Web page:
Two-Way Stretch

From Wikipedia, the free encyclopedia
  (Redirected from Two Way Stretch)
Jump to: navigation, search
Two-Way Stretch
Two-Way Stretch.jpg
DVD cover
Directed by Robert Day
Produced by E.M. Smedley-Aston
Written by John Warren
Len Heath
Vivian Cox
Alan Hackney
(add'l dialogue)
Starring Peter Sellers
Wilfrid Hyde-White
Lionel Jeffries
Music by Ken Jones
Cinematography Geoffrey Faithfull
Edited by Bert Rule
Distributed by British Lion Films
Release dates
  • 26 January 1960 (1960-01-26)
Running time
83 minutes
Country United Kingdom
Language English

Two-Way Stretch, sometimes titled Nothing Barred, is a 1960 British comedy film, about a group of prisoners who plan to break out of jail, commit a robbery, and then break back into jail again, thus giving them the perfect alibi – that they were behind bars when the robbery occurred. However, their plans are disrupted by the arrival of a strict new Chief Prison Officer.

The film was directed by Robert Day from a screenplay by Vivian Cox, John Warren and Len Heath, with additional dialogue by Alan Hackney. The film boasts a rich cast of characters played by, among others, Peter Sellers, Wilfrid Hyde-White, Lionel Jeffries and Bernard Cribbins.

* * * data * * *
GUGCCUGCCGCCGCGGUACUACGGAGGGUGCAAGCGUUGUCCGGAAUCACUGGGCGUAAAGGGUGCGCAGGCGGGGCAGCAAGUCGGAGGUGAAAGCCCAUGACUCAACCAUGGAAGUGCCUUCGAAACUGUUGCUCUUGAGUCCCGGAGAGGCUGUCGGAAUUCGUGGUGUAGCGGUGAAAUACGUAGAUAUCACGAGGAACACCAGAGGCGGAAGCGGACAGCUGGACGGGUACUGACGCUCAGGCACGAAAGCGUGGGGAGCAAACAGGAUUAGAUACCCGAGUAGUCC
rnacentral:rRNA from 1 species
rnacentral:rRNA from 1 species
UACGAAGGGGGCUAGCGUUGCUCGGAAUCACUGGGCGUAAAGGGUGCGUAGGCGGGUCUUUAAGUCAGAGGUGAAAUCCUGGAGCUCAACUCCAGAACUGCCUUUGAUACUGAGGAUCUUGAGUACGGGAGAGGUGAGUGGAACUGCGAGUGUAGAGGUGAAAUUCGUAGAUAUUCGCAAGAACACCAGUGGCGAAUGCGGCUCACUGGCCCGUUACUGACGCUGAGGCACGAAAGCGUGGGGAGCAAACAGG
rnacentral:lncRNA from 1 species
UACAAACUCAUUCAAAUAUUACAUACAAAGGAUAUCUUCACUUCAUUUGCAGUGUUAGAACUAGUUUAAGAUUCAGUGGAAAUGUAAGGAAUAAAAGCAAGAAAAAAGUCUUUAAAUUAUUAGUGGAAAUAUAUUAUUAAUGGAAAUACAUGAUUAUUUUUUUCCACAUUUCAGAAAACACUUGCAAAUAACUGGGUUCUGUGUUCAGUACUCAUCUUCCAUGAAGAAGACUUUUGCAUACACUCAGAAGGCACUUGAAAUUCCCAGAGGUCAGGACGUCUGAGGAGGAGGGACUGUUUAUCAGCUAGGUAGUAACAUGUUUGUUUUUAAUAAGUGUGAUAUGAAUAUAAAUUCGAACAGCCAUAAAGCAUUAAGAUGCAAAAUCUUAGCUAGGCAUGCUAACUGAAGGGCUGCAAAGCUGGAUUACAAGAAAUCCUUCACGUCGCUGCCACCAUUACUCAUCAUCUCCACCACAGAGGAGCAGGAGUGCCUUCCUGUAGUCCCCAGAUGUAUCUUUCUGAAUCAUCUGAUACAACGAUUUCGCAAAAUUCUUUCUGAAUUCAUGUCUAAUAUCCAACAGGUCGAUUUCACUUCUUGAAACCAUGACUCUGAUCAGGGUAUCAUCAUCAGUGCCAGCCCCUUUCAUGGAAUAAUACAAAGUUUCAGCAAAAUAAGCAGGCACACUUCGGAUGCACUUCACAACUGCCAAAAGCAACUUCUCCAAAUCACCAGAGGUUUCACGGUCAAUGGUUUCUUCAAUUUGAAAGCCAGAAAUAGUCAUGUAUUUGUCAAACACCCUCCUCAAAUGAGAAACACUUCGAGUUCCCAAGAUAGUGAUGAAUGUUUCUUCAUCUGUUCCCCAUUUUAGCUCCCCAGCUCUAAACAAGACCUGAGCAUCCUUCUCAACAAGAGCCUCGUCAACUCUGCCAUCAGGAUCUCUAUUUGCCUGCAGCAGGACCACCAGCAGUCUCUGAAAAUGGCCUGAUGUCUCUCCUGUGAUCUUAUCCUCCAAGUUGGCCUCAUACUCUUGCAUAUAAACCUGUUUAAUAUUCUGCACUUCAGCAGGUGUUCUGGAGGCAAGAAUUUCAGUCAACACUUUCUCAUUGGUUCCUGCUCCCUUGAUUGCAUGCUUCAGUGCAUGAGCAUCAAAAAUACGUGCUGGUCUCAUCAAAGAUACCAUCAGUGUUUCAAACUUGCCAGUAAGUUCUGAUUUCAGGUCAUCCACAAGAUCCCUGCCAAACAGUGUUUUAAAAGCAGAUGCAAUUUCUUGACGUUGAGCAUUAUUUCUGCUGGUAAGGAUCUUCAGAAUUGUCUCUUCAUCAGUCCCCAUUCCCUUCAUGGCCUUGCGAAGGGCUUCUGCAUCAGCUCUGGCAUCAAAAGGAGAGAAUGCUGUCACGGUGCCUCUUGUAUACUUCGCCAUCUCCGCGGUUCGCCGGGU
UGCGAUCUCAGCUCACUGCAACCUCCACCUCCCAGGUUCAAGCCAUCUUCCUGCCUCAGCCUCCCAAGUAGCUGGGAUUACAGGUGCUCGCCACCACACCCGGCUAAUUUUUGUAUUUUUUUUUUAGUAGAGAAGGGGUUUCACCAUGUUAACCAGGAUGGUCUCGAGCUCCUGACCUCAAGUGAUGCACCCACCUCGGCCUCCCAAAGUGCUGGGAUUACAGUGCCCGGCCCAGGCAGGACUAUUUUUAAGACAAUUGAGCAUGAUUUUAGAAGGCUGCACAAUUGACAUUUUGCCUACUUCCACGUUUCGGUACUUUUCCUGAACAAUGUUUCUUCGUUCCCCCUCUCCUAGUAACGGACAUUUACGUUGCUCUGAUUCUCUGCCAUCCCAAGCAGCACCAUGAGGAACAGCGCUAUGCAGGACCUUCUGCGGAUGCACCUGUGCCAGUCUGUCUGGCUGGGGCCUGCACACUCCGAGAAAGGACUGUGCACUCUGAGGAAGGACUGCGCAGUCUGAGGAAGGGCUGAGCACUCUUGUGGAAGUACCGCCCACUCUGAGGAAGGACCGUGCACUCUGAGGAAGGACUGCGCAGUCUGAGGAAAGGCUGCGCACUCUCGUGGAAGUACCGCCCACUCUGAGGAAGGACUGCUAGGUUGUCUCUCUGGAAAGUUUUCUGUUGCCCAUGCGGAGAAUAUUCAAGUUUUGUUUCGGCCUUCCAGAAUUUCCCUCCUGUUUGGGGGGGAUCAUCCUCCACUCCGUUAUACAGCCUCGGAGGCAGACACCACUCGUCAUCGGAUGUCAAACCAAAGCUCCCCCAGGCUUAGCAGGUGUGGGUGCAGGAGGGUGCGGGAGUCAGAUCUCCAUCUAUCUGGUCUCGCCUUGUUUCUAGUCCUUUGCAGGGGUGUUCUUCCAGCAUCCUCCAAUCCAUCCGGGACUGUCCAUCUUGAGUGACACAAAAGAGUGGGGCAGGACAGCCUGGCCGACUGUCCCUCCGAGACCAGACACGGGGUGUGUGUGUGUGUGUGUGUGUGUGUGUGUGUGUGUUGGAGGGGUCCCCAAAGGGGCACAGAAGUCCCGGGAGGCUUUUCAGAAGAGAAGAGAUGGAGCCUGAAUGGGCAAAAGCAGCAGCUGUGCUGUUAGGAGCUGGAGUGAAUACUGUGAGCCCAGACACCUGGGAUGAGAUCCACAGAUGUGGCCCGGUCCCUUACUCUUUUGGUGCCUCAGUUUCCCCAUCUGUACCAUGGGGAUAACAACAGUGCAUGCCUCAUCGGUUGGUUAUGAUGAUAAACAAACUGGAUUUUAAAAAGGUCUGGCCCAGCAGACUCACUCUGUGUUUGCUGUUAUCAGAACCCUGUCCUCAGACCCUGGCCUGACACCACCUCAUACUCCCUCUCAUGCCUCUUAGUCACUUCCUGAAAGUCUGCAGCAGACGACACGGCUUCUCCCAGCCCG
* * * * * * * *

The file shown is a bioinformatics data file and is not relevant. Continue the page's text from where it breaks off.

Three prisoners nearing the end of their jail sentences; 'Dodger' Lane, 'Jelly' Knight and 'Lennie the Dip', are visited by a vicar seeking to find employment for them. He is actually smooth-talking conman 'Soapy' Stevens, who proposes a large-scale diamond robbery. They will also have the ultimate alibi; they will break out of prison, commit the robbery and then break back in.

With the assistance of Dodger's girlfriend Ethel and Lennie's mum, they smuggle themselves out in a prison van. The operation is almost foiled by the disciplinarian 'Sour' Crout, the new Chief Prison Officer who is replacing the easy-going retiring Jenkins.

The diamond heist goes like clockwork and the three break back into prison, hiding the proceeds in the Governor's office. When they 'officially' leave prison, they manage to take the loot with them. All goes well, until the sack of diamonds is lost on a train. Stevens is recognised and arrested, but the others get away - minus the diamonds.



The prison scenes were filmed at the West Cavalry Barracks at Aldershot, and the security van robbery at Pirbright Arch in the village of Brookwood in Surrey.


The film was the 4th most popular movie at the British box office in 1960.

External links[edit]